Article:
• Incomplete Delivery and publication: When the summons isn’t successfully delivered after exhaustive efforts, it lengthens the Execution Process in the UAE. The court directs the judgment creditor to gather further information about the judgment debtor or to explore alternate methods for locating and serving them with the execution notice. However, if the defendants aren’t present at their registered address and the commercial property’s landlord has leased the premises to another entity, the bailiff refrains from serving the summons or affixing the summons to the door. In such instances, the importance of a newspaper publication becomes paramount. Thus, in scenarios where locating the defendant becomes a challenge, the court may resort to broadcasting the summons in an Arabic newspaper, ensuring the broadest possible reach.

Enforcing the Judgment: The Heart of the Execution Process

Upon the formal service of the Execution notice via the summons, the strength of the execution process in the UAE becomes evident. Should the defaulting party continue to be unresponsive after the Execution Application, various enforcement mechanisms are activated:

  • Seizure of Assets: An essential aspect of the process involves the courts’ authority to approve the seizure of assets and trade license and freeze the bank account of the judgment debtor. This carries tangible consequences for both businesses and individuals.
  • When a judgment remains unsatisfied, the court isn’t hesitant to immobilize key assets. Whether it’s freezing bank accounts or attaching critical trade licenses, these actions not only ensure that the rightful dues reach the winning party but also can bring the defaulting party’s operations to a jarring halt. For businesses, especially, the ramifications can be profound. When a trade license, often the lifeline of commercial operations, comes under the court’s radar, it can mean an immediate cessation of business activities. The once-bustling hub of commerce can eerily transition into a quiet standstill.
  • Arrest Orders: Navigating the execution process in the UAE involves understanding various judicial tools, one of which is the arrest order in civil contexts. When court-decreed payments are delayed or evaded by the debtor, the aggrieved party or the judgment creditor can escalate the matter by seeking an arrest order. The foundation of these civil arrest orders finds its roots in Article 327 of the UAE Federal Decree Law No. 42 of 2022, specifying the protocols of the Civil Procedures Law.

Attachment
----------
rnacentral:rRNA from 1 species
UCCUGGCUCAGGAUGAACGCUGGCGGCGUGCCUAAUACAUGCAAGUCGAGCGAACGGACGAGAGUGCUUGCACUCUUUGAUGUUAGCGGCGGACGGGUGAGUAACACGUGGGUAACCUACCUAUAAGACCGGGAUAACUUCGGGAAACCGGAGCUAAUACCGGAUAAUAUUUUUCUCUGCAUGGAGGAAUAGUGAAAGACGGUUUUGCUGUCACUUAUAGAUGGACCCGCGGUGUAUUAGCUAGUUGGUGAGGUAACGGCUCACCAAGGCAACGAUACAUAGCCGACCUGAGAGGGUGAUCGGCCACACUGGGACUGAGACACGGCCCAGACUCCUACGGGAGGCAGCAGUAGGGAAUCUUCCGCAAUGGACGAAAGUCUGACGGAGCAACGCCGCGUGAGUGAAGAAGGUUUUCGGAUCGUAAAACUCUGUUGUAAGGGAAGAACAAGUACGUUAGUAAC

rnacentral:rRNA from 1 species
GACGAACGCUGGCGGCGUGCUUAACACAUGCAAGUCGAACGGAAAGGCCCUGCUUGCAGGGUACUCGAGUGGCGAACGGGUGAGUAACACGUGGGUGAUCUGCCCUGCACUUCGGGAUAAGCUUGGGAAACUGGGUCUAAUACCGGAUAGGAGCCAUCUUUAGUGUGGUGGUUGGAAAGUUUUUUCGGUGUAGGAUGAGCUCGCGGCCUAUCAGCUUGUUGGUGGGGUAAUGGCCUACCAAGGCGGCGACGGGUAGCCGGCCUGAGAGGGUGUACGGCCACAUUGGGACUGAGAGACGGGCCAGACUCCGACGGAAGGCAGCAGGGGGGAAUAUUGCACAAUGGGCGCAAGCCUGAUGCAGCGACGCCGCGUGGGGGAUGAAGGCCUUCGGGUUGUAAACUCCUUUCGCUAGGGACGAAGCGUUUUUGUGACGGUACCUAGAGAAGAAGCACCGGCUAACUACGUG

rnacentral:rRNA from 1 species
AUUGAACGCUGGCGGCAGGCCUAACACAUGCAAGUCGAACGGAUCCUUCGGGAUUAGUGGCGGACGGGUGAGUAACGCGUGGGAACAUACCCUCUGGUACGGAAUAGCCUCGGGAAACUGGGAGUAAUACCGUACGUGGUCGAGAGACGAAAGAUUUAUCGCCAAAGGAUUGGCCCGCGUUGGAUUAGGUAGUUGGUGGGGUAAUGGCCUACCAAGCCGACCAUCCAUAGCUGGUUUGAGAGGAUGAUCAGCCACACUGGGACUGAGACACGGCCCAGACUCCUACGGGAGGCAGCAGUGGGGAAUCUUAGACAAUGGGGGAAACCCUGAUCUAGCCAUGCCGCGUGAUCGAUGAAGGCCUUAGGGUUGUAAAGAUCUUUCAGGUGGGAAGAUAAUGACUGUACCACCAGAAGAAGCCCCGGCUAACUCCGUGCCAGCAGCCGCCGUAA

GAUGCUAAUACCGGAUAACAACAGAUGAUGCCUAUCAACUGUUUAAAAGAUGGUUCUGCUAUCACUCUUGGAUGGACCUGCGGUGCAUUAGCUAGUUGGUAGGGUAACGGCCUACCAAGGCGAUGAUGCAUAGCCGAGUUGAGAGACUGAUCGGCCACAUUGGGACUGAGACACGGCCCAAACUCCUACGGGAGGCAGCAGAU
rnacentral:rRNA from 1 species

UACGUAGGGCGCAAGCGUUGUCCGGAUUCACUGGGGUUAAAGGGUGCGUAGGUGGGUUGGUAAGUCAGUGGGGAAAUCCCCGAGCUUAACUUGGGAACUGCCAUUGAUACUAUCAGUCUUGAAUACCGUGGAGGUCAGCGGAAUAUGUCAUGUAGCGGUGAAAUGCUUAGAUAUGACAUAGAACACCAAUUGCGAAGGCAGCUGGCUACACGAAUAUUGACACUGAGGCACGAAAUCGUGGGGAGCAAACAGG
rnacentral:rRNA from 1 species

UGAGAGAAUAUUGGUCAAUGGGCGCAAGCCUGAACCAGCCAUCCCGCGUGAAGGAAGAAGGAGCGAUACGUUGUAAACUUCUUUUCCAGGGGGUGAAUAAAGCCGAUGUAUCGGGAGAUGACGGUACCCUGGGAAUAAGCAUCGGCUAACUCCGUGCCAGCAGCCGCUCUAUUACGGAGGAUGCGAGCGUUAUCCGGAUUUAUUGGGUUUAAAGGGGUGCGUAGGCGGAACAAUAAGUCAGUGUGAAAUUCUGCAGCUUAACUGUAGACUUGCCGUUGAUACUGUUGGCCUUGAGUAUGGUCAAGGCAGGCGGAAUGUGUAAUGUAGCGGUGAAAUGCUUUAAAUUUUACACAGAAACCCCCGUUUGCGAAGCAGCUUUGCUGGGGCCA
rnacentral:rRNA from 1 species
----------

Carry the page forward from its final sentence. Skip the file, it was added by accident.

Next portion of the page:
A significant judicial intervention, an arrest order isn’t doled out casually. A judge weighs multiple considerations before granting it. Primary concerns include probing whether the defendant is:

  • Shifting assets discreetly to sidestep their financial commitments or
  • Indicating attempts to depart the UAE. It’s essential to highlight that today, acquiring a travel ban isn’t as routine as in the past. The barriers are higher, making this aspect a significant determinant.

Following judicial approval for the arrest order, the onus shifts to the judgment creditor. They liaise with the UAE’s Criminal Investigation Department (CID), furnishing them any available insights about the judgment debtor. The CID then meticulously gathers all necessary intel, culminating in the apprehension of the defaulting party.

In conclusion

The execution process in the UAE signifies more than mere enforcement of judgments; it embodies the nation’s unwavering dedication to justice, ensuring every party receives what they rightfully deserve. Like any legal protocol, it’s intricate, nuanced, and necessitates in-depth comprehension. By understanding this system, one can deftly traverse the UAE’s legal intricacies with confidence.